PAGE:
Depth       8
        Modes       "1024x768" "800x600" "640x480"
        ViewPort    0 0
        Virtual     1024 768
    Subsection "Display"
        Depth       16
        Modes       "800x600" "640x480"
        ViewPort    0 0
        Virtual     800 600
    Subsection "Display"
        Depth       24
        Modes       "640x480"
        ViewPort    0 0
        Virtual     640 480
(this is taken from a machine I use on occasion at work.)

The first thing to check is the lines starting with Virtual. If you want the virtual resolution to be the same as the screen size, it's easy to do - just get rid of the Virtual line, and it'll be set to the highest resolution listed in the relevant Modes line. (In this case, for 24bpp, it would be 640x480; at 16bpp, 800x600; at 8bpp, 1024x768.) Just be aware that if you've got a 1600x1200 mode at the relevant depth listed, the virtual screen size will stay at 1600x1200. You'd need to get rid of the higher resolution modes in this case.

I would strongly recommend you make a backup of your XF86Config file before you mess around with it, though. It's working at the moment; you want to keep it that way :-)

All of this is, of course, completely incorrect for MetroX, or any other commercial X server for Linux.


File Size Again...

Date: Sun, 6 Jul 1997 13:13:29 -0400 (EDT)
From: Tim Newsome drz@froody.bloke.com

Since nobody has mentioned it yet: procps (at least version 1.01) comes with a very useful utility named watch. You can give it a command line which it will execute every 2 seconds. So, to keep track of file size, all you really need is: watch ls -l filename Or if you're curious as to who's logged on: watch w You can change the interval with the -n flag, so to pop up a different fortune every 20 seconds, run: watch -n 20 fortune Tim

syslog Thing

Date: Fri, 04 Jul 1997 14:50:08 -0400
From: Ian Quick ian@dot.superaje.com

I don't know if this is very popular but my friend once told me a way to put your syslog messages on a virtual console. First make sure that you have the dev for what console you want. (I run RedHat 4.0 and they have them up tty12). Then edit your syslog.conf file and add *.* <put a few tabs for format> /dev/tty12. Reboot and TA DA! just hit alt-F12 and there are you messages logged to a console.

-Ian Quick

Ascii Problems with FTP

Date: Mon, 7 Jul 1997 15:59:39 -0600 (CST)
From: Terrence Martin twm139@missing.link.ca

This is a common problem that occurs with many of our Windows users when they upload html and perl cgi stuff to our web server.

The real fix for this has been available for years in ftp clients themselves. Every ftp client should have support for both 'Binary or type I' and 'Ascii or type 2' uploads/downloads. By selecting or toggling this option to Ascii mode (say in ws_ftp) the dos format text files are automagically translated to unix style without the ^M. Note you definitely do not want to transfer binary type files like apps or programs as this translation will corrupt them.

Terrence Martin

Running Squake from Inside X

Date: Fri, 11 Jul 1997 00:27:49 -0400
From: Joey Hess joey@kite.ml.org

I use X 99% of the time, and I was getting tired of the routine of CTRL-ALT-F1; log in; run squake; exit; switch back to X that I had to go through every time I wanted to run squake. So I decided to add an entry for squake to my fvwm menus. To make that work, I had to write a script, I hope someone else finds this useful, I call it runvc:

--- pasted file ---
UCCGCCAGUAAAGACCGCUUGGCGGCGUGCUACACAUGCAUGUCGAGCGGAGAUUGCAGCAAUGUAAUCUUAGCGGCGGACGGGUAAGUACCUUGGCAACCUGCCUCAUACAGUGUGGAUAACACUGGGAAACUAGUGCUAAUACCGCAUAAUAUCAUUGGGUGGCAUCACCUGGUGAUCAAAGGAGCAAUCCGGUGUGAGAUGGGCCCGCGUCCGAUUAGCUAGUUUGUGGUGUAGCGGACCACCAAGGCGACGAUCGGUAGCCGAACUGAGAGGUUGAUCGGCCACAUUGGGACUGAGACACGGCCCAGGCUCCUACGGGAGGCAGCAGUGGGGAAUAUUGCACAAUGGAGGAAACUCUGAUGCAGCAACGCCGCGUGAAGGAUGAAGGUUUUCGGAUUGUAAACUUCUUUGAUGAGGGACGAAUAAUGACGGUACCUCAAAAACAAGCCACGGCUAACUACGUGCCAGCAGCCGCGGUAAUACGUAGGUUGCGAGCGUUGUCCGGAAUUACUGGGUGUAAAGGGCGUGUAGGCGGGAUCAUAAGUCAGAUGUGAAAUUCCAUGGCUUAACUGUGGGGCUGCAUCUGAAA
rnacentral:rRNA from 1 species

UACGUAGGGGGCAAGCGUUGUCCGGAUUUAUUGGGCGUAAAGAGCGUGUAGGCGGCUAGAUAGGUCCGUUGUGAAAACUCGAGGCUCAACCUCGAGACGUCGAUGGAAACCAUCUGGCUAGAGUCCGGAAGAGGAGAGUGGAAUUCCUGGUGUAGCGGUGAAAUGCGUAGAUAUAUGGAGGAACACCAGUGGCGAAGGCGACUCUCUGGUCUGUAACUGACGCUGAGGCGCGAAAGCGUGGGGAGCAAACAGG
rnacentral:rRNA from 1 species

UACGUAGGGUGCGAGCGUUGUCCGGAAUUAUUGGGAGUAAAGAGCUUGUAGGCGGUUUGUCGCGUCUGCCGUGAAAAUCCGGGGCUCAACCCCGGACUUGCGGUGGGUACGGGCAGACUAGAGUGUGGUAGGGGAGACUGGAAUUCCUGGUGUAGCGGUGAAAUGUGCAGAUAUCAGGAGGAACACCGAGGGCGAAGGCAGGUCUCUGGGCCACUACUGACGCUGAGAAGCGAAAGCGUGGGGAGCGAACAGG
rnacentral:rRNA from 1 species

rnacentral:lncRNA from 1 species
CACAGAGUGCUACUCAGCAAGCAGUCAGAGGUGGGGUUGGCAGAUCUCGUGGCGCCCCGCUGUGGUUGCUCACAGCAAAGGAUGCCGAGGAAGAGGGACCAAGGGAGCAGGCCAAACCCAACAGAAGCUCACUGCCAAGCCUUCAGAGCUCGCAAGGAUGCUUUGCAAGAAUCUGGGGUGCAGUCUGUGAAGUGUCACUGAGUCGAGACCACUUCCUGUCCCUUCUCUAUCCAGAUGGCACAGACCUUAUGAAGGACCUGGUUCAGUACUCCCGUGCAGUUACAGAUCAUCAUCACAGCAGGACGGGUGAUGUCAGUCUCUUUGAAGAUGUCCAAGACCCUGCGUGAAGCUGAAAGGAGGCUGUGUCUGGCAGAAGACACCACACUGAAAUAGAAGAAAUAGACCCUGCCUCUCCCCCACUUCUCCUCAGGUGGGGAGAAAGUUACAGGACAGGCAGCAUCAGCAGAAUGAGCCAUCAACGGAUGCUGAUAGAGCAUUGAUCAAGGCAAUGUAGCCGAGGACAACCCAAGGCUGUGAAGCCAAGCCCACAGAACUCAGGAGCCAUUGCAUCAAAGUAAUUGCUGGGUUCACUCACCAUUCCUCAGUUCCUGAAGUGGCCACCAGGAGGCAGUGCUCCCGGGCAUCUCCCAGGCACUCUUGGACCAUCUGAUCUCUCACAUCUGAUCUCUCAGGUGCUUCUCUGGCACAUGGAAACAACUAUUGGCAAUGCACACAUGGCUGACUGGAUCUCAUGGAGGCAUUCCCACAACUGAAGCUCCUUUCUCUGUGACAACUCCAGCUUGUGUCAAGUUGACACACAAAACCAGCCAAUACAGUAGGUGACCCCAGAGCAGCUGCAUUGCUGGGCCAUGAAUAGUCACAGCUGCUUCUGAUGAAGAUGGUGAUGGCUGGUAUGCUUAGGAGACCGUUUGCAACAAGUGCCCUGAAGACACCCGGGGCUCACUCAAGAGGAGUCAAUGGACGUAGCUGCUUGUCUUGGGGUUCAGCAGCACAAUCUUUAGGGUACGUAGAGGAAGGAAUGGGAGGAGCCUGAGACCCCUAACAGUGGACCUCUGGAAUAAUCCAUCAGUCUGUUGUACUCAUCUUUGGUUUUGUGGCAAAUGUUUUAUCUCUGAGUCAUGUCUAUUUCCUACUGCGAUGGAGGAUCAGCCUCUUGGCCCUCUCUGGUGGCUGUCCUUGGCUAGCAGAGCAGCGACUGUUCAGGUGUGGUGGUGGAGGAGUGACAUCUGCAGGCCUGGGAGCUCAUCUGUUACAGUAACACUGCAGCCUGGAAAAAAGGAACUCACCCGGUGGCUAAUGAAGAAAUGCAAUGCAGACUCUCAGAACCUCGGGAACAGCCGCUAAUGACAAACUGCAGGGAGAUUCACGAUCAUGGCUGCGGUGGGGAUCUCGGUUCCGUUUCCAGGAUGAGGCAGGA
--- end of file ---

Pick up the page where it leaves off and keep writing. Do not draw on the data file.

# Run something on a VC, from X, and switch back to X when done.
	# GPL Joey Hess, Thu, 10 Jul 1997 23:27:08 -0400
	exec open -s -- sh -c "$* ; chvt `getvc`"
Now, I can just type runvc squake (or pick my fvwm menu entry that does the same) and instantly be playing squake, and as soon as I quit squake, I'm dumped back into X. Of course, it works equally well for any other program you need to run at the console.

Runvc is a one-liner, but it took me some time to get it working right, so here's an explanation of what's going on. First, the open -s command is used to switch to another virtual console (VC) and run a program. By default, it's going to switch to the next unused VC, which is probably VC 8 or 9. The -s has to be there to make open actually change to that console.

Next, the text after the -- is the command that open runs. I want open to run 2 commands, so I have to make a small shell script, and this is the sh -c "..." part. Inside the quotes, I place $*, which actually handles running squake or whatever program you told runvc to run.

Finally, we've run the command and nothing remains but to switch back to X. This is the hard part. If you're not in X, you can use something like open -w -s -- squake and open will run squake on a new VC, wait for it to exit, and then automatically switch back to the VC you ran it from. But if you try this from inside X, it just doesn't work. So I had to come up with another method to switch back to X. I found that the chvt command was able to switch back from the console to X, so I used it.

Chvt requires that you pass it the number of the VC to switch to. I could just hard code in the number of the VC that X runs on on my system, and do chvt 7, but this isn't portable, and I'd have to update the script if this ever changed. So I wrote a program named 'getvc' that prints out the current VC. Getvc is actually run first, before any of the rest of the runvc command line, because it's enclosed in backticks. So getvc prints out the number of the VC that X is running on and that value is stored, then the rest of the runvc command line gets run, and eventually that value is passed to chvt, which finally switches you back into X.

Well, that's all there is to runvc. Here's where you can get the programs used by it: